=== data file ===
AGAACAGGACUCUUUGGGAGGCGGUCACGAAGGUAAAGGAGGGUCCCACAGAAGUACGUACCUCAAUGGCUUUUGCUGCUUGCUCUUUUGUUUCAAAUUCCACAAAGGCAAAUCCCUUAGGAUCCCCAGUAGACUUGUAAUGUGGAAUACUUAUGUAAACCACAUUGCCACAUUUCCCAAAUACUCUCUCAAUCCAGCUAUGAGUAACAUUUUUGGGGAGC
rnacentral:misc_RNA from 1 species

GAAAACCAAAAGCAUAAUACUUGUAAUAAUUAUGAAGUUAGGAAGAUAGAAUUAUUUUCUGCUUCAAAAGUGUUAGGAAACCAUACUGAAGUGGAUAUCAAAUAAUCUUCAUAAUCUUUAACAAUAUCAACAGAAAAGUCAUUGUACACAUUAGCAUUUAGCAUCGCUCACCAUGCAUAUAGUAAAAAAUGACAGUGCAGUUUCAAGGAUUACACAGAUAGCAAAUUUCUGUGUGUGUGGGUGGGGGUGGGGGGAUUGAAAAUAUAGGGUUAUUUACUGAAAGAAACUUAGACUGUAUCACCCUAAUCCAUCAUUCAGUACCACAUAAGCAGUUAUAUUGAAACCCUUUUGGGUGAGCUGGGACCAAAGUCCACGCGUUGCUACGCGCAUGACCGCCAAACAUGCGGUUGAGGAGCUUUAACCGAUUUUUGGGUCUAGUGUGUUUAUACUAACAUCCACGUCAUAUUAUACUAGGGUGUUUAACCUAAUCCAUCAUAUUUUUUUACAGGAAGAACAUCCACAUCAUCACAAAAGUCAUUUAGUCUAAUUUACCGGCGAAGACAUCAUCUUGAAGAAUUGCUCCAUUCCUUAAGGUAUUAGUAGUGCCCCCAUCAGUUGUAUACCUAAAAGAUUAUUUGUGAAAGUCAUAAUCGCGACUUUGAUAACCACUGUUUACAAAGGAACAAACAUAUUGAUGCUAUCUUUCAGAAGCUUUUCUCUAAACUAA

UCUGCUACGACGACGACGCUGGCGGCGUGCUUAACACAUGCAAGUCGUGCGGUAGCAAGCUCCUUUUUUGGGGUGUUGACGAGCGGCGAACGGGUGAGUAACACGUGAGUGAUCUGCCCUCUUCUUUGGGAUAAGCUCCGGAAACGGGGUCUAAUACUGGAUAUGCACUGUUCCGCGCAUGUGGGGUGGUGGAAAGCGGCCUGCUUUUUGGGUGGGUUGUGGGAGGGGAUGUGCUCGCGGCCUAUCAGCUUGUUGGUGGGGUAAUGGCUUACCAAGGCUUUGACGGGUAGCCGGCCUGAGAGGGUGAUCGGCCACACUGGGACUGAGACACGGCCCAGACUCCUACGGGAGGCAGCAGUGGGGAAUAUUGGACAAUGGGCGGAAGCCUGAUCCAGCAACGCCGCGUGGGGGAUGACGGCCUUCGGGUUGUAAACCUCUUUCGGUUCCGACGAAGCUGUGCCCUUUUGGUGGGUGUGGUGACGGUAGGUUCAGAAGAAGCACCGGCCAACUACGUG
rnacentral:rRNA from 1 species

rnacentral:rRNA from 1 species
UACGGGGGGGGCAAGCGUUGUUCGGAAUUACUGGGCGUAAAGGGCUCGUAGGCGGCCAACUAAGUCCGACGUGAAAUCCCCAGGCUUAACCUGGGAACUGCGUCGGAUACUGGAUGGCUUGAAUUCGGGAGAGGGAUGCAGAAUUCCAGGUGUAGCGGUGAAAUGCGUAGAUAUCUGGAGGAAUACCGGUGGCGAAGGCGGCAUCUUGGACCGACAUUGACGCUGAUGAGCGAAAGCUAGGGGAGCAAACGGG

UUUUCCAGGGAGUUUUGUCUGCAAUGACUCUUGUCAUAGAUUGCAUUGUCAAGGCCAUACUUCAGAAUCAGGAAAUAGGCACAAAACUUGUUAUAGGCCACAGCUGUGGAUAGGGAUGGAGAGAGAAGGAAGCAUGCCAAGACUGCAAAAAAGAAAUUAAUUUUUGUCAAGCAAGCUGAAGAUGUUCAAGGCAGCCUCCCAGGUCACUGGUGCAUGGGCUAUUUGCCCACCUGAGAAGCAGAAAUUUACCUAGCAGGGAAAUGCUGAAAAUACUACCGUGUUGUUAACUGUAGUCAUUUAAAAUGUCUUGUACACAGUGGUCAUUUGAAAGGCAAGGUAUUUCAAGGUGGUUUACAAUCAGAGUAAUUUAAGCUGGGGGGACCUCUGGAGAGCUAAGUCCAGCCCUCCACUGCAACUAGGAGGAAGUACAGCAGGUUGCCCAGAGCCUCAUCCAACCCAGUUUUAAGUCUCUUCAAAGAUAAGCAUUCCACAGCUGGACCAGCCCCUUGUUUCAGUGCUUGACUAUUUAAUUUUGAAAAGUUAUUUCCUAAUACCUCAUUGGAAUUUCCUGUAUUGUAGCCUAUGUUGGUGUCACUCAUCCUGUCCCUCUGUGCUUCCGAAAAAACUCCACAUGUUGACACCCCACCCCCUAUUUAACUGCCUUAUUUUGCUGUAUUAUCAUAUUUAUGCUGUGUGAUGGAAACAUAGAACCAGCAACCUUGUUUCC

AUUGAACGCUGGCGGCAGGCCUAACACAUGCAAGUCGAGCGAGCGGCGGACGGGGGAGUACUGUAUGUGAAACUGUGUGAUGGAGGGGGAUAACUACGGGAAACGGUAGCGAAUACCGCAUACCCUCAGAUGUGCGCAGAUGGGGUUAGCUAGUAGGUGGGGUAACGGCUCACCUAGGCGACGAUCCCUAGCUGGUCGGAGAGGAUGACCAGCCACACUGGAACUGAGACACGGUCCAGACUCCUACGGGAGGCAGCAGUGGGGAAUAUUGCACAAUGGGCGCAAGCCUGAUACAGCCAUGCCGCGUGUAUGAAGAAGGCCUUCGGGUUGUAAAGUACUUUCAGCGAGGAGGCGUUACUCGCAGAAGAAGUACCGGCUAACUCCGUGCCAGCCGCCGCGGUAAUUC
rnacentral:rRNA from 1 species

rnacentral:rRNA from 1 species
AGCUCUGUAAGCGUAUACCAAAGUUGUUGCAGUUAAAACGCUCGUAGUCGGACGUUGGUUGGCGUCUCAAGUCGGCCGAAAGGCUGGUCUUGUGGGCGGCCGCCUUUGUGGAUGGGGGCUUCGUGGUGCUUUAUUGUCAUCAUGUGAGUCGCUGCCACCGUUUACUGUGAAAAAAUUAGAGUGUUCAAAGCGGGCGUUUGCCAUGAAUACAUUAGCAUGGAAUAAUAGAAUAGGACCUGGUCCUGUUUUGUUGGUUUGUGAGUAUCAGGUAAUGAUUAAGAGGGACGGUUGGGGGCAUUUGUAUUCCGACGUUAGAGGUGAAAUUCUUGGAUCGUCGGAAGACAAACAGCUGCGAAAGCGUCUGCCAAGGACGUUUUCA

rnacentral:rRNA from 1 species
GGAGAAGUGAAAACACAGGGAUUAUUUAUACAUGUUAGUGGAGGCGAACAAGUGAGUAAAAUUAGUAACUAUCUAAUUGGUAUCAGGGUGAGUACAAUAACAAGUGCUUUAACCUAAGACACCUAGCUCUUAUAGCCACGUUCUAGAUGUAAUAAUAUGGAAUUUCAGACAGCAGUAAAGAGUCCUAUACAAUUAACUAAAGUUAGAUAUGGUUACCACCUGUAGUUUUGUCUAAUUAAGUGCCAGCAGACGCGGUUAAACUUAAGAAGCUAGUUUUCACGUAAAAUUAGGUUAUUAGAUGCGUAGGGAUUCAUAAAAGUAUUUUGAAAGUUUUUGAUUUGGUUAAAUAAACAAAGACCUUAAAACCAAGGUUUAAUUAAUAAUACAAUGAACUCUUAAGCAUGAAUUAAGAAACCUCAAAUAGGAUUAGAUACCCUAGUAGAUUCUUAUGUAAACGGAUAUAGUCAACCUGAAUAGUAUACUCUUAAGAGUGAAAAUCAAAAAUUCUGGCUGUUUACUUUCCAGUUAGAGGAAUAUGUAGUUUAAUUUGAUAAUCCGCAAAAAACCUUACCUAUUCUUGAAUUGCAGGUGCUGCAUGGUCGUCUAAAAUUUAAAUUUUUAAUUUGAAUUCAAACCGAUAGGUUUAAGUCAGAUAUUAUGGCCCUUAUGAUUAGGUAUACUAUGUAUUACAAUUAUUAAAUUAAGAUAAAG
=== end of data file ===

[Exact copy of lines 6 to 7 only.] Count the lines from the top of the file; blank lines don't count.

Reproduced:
rnacentral:rRNA from 1 species
UACGGGGGGGGCAAGCGUUGUUCGGAAUUACUGGGCGUAAAGGGCUCGUAGGCGGCCAACUAAGUCCGACGUGAAAUCCCCAGGCUUAACCUGGGAACUGCGUCGGAUACUGGAUGGCUUGAAUUCGGGAGAGGGAUGCAGAAUUCCAGGUGUAGCGGUGAAAUGCGUAGAUAUCUGGAGGAAUACCGGUGGCGAAGGCGGCAUCUUGGACCGACAUUGACGCUGAUGAGCGAAAGCUAGGGGAGCAAACGGG